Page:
Getting Out of Grover's Tub

Chapter 19: Where Tax Cuts are King

Here in Texas, tax cuts are king. Over the last few sessions, reforms to school finance focused on reducing property taxes—not better funding for public schools. In the end, school property tax rates were cut by 33 percent, the revenue base shifted to more regressive consumption taxes, and all new revenue was dedicated to more tax cuts—not schools. Now, built into the upcoming budget is a structural deficit of $5.8 billion by 2010-11.
What’s going on here?
In 2003, when a few lawmakers wanted to increase revenues to meet a $10 billion deficit, Grover Norquist himself landed in Austin and went to work.  His mission was to shore up weak Republicans and hold the line – his mantra then and now is “no new taxes.”  The pledge of “no new taxes” that many Republican legislators have promised is his pet project, and today more than 1,100 state officeholders across the country have signed on.
In 2003, Perry held the line and did not raise taxes.  What he did do, however, was cut 300,000 kids out of the Children’s Health Insurance Program, another 500,000 out of Medicaid and allow unelected regents to raise tuition on college students across the state.
Fast forward to 2009, when after months of meltdown over a $42 billion deficit, California Governor Arnold Schwarzenegger signed a bill that actually raised taxes to address a deficit.  As a result, Schwarzenegger was forced to defend six GOP lawmakers who angered the state Republican party by voting for a budget that raised taxes.  Thanks to the lawmakers’ attempts to find a middle ground in how to resolve the deficit, the state party attempted to censure the six Republicans who voted for the bill and the Governor who signed it.
Despite the fact that President Obama’s recent Federal stimulus package included the largest middle class tax cut in history, not a single House Republican voted for the bill. Instead, House Minority leader Eric Cantor decided to hold his economic recovery rally—on Wall Street.  Here’s a recent cartoon from the Austin American-Statesman:


Sargent © 2009 Universal Press Syndicate. Reprinted by permission. All rights reserved.

How did tax cuts for the wealthy get such a hold on the Republican Party?
The story goes back to Lee Atwater.  In 1980, Atwater was the chief author of the latest Southern strategy.  Since Nixon, Republicans had charted national victories by holding the eleven states of the Old Confederacy, then adding more in the Midwest.  Among Atwater’s chief political protégées were young college Republicans Grover Norquist and Karl Rove.
In an interview with a political science professor at Case Western Reserve University, after being diagnosed with fatal brain cancer, Lee Atwater opened up and explained more about how his strategy evolved and specifically how tax cuts became king: “You start out in 1954 by saying, ‘Nigger, nigger, nigger,’ ” said Atwater. “By 1968, you can’t say ‘nigger’ — that hurts you. Backfires. So you say stuff like forced busing, states’ rights, and all that stuff. You’re getting so abstract now [that] you’re talking about cutting taxes, and all these things you’re talking about are totally economic things, and a byproduct of them is [that] blacks get hurt worse than whites.”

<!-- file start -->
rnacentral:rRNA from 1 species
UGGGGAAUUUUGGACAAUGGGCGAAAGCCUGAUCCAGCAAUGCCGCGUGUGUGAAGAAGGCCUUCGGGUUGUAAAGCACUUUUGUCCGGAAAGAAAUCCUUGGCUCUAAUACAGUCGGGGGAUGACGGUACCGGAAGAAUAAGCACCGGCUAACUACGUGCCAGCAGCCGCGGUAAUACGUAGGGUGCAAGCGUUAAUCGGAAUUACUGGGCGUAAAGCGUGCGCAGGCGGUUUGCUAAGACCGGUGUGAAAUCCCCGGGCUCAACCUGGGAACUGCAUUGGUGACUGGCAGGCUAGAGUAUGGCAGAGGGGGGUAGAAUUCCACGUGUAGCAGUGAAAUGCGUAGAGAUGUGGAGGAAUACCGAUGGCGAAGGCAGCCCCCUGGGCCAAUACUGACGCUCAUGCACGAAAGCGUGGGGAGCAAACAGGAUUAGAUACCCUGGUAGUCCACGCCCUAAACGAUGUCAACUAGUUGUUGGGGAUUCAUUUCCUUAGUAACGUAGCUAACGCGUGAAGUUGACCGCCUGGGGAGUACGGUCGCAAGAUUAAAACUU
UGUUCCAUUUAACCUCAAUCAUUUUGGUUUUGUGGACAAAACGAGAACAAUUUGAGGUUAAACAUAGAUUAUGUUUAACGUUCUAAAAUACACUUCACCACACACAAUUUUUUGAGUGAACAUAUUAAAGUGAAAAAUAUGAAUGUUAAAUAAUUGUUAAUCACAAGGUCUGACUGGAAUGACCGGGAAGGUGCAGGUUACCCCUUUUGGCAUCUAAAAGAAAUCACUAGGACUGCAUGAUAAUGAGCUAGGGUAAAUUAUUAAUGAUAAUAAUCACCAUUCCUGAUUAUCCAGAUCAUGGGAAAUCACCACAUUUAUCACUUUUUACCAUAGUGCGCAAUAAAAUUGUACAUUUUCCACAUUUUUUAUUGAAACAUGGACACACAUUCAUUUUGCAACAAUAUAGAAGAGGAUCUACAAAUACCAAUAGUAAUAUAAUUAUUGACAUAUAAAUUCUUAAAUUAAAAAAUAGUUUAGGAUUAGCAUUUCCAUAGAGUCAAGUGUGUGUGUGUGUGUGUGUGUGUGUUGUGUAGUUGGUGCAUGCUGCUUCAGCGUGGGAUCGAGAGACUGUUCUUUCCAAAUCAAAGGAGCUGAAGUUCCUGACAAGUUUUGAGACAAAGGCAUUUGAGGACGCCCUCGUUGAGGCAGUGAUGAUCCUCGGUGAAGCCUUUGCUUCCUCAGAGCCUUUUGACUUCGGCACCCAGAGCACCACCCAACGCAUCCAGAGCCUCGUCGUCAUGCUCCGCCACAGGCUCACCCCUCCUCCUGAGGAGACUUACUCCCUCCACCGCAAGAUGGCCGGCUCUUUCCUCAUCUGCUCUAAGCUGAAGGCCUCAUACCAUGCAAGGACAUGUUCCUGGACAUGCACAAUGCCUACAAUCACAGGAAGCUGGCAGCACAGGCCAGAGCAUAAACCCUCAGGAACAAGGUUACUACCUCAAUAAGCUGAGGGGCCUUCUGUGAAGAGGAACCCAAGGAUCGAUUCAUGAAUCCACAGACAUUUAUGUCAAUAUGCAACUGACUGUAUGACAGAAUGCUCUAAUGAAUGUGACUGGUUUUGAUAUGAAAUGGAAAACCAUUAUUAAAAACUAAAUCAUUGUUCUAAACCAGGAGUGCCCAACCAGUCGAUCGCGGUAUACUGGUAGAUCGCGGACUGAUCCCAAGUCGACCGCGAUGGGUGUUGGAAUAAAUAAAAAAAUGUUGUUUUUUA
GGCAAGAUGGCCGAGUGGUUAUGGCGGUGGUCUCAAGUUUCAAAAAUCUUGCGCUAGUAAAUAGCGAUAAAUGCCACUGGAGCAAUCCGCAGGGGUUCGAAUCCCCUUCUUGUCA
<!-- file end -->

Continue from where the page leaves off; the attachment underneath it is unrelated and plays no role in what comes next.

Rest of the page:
Back in 1998, at our request, then Texas Comptroller John Sharp produced a report titled “Where We Stand,” which ranked Texas amongst the 50 states.  Since then, it’s become harder to get the Comptroller to produce the report, with the most recent version coming out three years ago.  So our office has undertaken the task of updating the report in a document titled “Texas on the Brink.”  It tells the story of how Texas compares to other states in critical areas like public education, access to capital, home ownership, health care, environmental protection, workforce development, public safety, and other services.
Twenty five years after Rick Perry first took the Texas stage, where tax cuts are now king, here is where we stand among the 50 states:

Category Ranking
Tax Revenue Raised Per Capita 49th
Tax Expenditure Per Capita 50th
Progressivity of Tax Revenues 44th
Average Teacher Salary As A Percentage of Average Annual Pay 49th
State Aid Per Pupil in Average Daily Attendance 47th
Scholastic Assessment Test (SAT) Scores 46th
Percent of Population 25 and Older with a High School Diploma 50th
Percent of the Population Without Health Insurance 1st
Percent of the Population with Employer Based Health Insurance 46th
Percent of Uninsured Children 1st
Home Ownership Rate 43rd
Homeowner’s Insurance Affordability 50th
Air Pollution Emissions 1st
Rate of Incarceration 2nd

Perhaps Lee Atwater and Grover Norquist’s greatest legacy here in Texas is the percentage of Texans that go to vote—fewer Texans now participate at the polls than in any state in America.